August 2008

Preserving Future History

August 29, 2008

With our eyes on a proposed interstellar future, we don’t want to neglect the real challenges of preserving the steps taken along the way. I’m thinking about this because of a post on an astronomy list (thanks to Larry Klaes for the pointer) by Richard Sanderson, who is curator of physical science at the Springfield […]

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Dark Matter and Its Interactions

August 28, 2008

Keeping our eyes open over a whole range of wavelengths makes priceless science possible. Thus the new data on dark matter, culled from observations of the galactic cluster known as MACSJ0025.4-1222. The Hubble Space Telescope offered up images in the visual light range, sufficient to provide astronomers (thanks to the effects of gravitational lensing) with […]

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Fermi’s Whole-Sky Portrait

August 27, 2008

I like the logo for the Fermi Gamma-Ray Space Telescope, shown at the right. It’s appropriately stylish and, with that ‘beamed’ F emerging out of a galactic core, reminds us that the instrument will be opening a data window on the supermassive black holes found in such places. Fermi was until yesterday known as GLAST […]

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Advanced Propulsion: The Next Steps

August 26, 2008

by Kimberly Trent Here we depart briefly from the norm by looking at the work of Kimberly Trent, a graduate student in the Applied Physics Program at the University of Michigan. Working as an intern with Marc Millis at NASA’s Glenn Research Center, Trent examined the broad issues of advanced propulsion and focused on a […]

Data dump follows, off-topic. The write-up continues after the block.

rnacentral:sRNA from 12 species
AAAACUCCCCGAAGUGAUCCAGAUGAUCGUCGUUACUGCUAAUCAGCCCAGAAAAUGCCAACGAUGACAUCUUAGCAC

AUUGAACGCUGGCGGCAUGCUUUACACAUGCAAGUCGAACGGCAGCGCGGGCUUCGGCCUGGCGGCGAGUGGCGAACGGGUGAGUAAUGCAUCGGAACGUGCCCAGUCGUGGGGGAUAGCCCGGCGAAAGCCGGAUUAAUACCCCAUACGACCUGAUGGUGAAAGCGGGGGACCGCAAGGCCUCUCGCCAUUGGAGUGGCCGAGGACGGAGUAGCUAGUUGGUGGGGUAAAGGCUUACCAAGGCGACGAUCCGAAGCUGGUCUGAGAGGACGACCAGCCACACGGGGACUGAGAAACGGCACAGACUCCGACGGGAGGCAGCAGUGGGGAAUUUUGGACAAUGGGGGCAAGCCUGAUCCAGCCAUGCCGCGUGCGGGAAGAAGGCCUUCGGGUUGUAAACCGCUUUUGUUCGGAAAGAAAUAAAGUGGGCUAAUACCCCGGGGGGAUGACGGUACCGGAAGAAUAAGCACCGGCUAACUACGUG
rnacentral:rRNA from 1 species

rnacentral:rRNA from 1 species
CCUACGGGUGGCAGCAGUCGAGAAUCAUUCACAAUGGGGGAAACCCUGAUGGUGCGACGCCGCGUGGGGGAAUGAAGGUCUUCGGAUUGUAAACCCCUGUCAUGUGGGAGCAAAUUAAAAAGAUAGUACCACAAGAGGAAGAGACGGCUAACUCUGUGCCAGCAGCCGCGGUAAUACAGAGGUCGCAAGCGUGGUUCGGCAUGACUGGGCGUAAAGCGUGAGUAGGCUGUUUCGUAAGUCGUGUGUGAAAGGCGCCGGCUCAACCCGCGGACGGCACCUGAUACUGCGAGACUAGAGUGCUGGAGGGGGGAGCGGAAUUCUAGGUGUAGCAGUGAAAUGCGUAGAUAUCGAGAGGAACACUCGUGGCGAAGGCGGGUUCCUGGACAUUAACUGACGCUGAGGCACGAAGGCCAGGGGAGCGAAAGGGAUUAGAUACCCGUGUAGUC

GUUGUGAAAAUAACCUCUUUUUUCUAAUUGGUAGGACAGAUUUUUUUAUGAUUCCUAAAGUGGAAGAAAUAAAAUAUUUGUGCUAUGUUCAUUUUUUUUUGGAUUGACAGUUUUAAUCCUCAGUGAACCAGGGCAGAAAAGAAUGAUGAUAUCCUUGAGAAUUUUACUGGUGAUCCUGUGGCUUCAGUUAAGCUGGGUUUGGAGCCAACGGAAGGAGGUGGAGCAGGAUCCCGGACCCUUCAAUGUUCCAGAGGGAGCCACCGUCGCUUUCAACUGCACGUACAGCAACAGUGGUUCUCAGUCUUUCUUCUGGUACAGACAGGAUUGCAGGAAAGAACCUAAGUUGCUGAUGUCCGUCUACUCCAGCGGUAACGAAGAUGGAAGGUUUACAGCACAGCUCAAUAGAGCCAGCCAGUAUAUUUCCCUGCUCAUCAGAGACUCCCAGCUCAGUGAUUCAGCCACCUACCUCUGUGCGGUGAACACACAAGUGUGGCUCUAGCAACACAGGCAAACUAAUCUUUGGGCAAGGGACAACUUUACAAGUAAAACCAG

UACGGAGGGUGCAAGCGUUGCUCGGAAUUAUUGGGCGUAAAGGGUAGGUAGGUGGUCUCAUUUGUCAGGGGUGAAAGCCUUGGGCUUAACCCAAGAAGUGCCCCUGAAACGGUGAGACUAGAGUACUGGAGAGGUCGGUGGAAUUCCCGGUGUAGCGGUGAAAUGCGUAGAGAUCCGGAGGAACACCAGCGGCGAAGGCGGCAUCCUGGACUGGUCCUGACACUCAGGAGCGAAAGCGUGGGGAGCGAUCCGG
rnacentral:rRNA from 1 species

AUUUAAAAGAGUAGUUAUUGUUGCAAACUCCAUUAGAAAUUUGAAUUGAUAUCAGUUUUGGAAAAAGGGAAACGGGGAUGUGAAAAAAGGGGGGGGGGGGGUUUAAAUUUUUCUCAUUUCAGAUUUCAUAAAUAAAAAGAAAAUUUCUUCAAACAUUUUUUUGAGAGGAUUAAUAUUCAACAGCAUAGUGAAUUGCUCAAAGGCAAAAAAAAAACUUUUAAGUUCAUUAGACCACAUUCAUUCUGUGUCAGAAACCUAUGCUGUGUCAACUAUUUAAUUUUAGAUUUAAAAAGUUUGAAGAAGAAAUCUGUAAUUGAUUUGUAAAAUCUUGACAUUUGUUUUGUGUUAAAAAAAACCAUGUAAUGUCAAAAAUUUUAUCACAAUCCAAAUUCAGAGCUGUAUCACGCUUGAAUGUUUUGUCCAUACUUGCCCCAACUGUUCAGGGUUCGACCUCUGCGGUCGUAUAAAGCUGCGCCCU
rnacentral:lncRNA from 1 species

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Twisting the Copernican Tail

August 25, 2008

The latest Carnival of Space offers several posts with an interstellar bent in addition to our own discussion, linked to from the Carnival, about antimatter rocketry and the recent thinking of JPL’s Robert Frisbee. I notice that Gerald Cleaver and Richard Obousy’s ideas about warp drive continue to get play, with particular reference to the […]

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Rosetta and the Language of Hope

August 22, 2008

There are several reasons to keep an eye on Rosetta, the European Space Agency’s mission to comet 67P/Churyumov-Gerasimenko. In 2014, the spacecraft will go into orbit around the comet before deploying a lander to the nucleus. Watching changes as the comet heads toward the Sun should prove interesting indeed, but these short term effects take […]

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Star Formation Near Black Holes

August 21, 2008

Simulations showing how giant gas clouds evolve — clouds as large as 100,000 times the mass of the Sun — have demonstrated that stars can form in the neighborhood of supermassive black holes, the kind of black holes found at the center of galaxies. As you would expect, the clouds are disrupted when they move […]

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The Interstellar Conundrum Reconsidered

August 20, 2008

Just how hard would it be to build a true interstellar craft? I’m not talking about a spacecraft that might, in tens of thousands of years, drift past a star by happenstance, but about a true, dedicated interstellar mission. Those of you who’ve been following my bet with Tibor Pacher on Long Bets (now active, […]

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NanoSail-D: Duplicate Exists, Needs to Fly

August 19, 2008

Remember the great scene in Contact, when the fabulously rich S. R. Hadden (John Hurt), who funded the stargate device that has been destroyed by sabotage, says “Why build one when you can build two for twice the price?” He then reveals the existence of a second facility off the coast of Japan, which is […]

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An Icy Wanderer from the Oort Cloud

August 18, 2008

A symposium called Sloan Digital Sky Survey:Asteroids to Cosmology, held in Chicago this past weekend, is producing interesting news, not the least of which is the discovery of a ‘minor planet’ that is currently inside the orbit of Neptune. 2006 SQ372 is only in the neighborhood briefly, already setting out on a journey that will […]

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